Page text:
It took García Márquez only 18 months to write “Solitude,” though he spent nearly two decades mulling the story in his head. While reading proofs of his novella “Leaf Storm” — an early testing ground for Macondo and its characters — he remarked to his brother, “This is good, but I’m going to write something that people will read more than the Quixote.” He wasn’t far off.

A book cover for “Love in the Time of Cholera.” There’s a silhouetted photograph  in the center, featuring a man in a long-billed hat. A vaguely floral pattern borders the photo.

I’m a helpless romantic.

Florentino Ariza has been there.

It’s the 1930s. Fifty-one years, nine months and four days have passed since the love of his life, the beauty Fermina Daza, rebuffed him for a wealthy doctor. But when his rival dies in a sudden and absurd fashion (while trying to chase a parrot up a mango tree), Florentino is back in the game.

So begins Love in the Time of Cholera” (1985), in which, as the novelist Thomas Pynchon wrote in his review for The Times, “the heart’s eternal vow has run up against the world’s finite terms.” We are taken back to the late 1800s, to the beginning of a cholera outbreak that will overrun this fictional Caribbean city over the next half-century. Along the way, we witness the courtship and blossoming love between Florentino and Fermina unfold through letters and telegrams until it is put to an abrupt end by her father, who matches her with the irresistible Dr. Juvenal Urbino. A poet doomed to the lifelong pursuit of love, Florentino bides his time, waiting for his moment while working as a telegraph operator and engaging in 622 “long-term liaisons” while retaining his fidelity to his one true love.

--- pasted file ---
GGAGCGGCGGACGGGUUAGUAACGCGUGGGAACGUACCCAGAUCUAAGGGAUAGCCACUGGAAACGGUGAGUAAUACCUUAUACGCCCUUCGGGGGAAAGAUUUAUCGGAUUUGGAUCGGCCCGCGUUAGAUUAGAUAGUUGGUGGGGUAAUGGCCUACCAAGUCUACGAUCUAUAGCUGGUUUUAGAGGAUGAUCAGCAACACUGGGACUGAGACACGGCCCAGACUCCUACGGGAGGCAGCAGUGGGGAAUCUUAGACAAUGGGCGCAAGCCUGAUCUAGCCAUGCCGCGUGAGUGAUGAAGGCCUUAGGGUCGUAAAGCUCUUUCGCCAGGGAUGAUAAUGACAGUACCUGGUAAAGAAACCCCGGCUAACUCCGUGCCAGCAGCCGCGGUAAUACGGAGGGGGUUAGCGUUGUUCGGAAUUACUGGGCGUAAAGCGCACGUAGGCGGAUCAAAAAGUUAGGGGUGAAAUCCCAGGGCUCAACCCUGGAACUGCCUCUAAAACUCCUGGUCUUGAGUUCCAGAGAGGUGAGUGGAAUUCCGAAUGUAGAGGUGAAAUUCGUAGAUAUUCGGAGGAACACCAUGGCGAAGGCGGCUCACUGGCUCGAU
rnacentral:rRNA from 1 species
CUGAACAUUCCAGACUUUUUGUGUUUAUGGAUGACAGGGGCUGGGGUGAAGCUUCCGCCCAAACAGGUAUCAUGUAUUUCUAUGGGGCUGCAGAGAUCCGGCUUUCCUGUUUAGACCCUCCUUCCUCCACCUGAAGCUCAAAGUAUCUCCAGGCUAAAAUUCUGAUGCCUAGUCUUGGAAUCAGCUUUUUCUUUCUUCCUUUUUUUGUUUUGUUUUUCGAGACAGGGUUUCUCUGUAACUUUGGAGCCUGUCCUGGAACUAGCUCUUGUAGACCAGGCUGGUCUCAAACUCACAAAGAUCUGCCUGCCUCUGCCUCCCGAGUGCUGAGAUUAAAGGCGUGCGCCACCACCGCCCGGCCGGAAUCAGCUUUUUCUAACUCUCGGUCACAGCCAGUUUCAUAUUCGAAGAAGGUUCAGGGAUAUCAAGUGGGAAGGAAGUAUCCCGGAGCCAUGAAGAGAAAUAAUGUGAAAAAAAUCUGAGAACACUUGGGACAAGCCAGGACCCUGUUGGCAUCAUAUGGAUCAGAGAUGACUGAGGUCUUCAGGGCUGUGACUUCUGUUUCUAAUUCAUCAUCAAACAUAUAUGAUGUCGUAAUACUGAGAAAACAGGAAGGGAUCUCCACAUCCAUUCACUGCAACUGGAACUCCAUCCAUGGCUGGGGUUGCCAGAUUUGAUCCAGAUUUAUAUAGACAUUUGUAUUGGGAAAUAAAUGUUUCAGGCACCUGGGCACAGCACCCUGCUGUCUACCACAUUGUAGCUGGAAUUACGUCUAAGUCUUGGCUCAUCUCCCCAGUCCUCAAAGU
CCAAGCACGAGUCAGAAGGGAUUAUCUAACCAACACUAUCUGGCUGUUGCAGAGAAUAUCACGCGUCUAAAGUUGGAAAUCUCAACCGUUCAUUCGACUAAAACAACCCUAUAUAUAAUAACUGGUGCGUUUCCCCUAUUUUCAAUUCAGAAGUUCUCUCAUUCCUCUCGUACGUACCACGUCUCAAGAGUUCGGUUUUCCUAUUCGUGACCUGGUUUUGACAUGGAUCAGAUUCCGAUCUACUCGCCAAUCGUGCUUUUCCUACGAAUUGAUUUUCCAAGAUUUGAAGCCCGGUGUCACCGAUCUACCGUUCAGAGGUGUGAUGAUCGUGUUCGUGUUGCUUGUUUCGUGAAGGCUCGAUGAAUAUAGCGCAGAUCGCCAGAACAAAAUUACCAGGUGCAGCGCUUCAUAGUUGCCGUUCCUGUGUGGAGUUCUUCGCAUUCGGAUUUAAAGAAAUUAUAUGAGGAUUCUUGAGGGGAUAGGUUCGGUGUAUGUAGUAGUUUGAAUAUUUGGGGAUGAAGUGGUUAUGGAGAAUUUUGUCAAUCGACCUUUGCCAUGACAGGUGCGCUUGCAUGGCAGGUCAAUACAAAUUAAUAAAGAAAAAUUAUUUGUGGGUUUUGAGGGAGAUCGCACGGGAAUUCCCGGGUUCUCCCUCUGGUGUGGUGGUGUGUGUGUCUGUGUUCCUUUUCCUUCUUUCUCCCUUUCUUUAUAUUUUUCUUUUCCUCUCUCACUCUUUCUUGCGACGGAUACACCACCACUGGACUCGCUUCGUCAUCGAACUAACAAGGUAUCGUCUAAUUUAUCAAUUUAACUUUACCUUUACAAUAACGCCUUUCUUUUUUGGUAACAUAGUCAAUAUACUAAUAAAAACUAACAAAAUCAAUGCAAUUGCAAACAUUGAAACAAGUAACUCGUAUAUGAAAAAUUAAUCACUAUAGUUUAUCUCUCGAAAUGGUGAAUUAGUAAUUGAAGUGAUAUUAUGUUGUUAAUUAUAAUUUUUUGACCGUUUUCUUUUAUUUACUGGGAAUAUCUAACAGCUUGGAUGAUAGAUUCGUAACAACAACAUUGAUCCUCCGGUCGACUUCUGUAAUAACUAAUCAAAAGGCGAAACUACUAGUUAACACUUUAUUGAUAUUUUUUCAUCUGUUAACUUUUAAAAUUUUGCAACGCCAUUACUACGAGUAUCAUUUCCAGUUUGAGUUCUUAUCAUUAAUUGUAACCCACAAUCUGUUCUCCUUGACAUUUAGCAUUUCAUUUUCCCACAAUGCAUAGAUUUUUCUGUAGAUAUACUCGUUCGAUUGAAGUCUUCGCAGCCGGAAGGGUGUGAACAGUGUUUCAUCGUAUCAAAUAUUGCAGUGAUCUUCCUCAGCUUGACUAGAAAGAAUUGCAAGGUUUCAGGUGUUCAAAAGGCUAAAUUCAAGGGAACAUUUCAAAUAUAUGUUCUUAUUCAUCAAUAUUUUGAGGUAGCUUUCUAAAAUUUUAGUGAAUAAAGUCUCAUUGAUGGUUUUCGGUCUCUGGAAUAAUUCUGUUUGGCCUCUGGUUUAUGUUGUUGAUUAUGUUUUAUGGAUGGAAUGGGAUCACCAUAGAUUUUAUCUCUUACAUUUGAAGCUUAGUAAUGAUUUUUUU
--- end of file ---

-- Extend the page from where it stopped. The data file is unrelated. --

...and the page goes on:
García Márquez found inspiration close to home. His father, Gabriel Eligio García, was a practiced seducer fluent in poetry and love songs, who courted Luisa Santiaga during his time off from the public telegraph office, much to the ire of her family. It’s as if García Márquez turned their story on its head and simply reported on it from there.

The book cover for “Strange Pilgrims,” which features a person in tucked bed, looking alarmed.

I need to stop doom-scrolling.

Put down your phone and pick up these snappy, self-assured stories. You can work on repairing your attention span later.

The selections in Strange Pilgrims” (1992) serve as a fun house and an appendix to the García Márquez oeuvre. A clairvoyant slowly usurps the estate of a distinguished Viennese family by selling them her dreams. A poor Caribbean couple in Paris take pity on their deposed president when they find him living in poverty and exile. A woman is mistakenly admitted into an asylum when her car breaks down in Spain’s Monegros desert and her husband, a struggling cabaret magician, abandons her there in retribution for imagined infidelity. There are astrological quips and brutal burns: Having a Pisces sun or rising sign is no excuse for stupidity, we’re told; in Naples, even God goes on vacation in August; and a group of several Englishmen on vacation are described as “one man repeated many times in a hall of mirrors.”

All these stories follow Latin Americans in Europe, animated by García Márquez’s preoccupation with the history, identity and fate of his region.

The book cover for “The General in His Labyrinth” is an illustration of a peaceful scene, looking out through a grove of palm trees onto a moonlit river.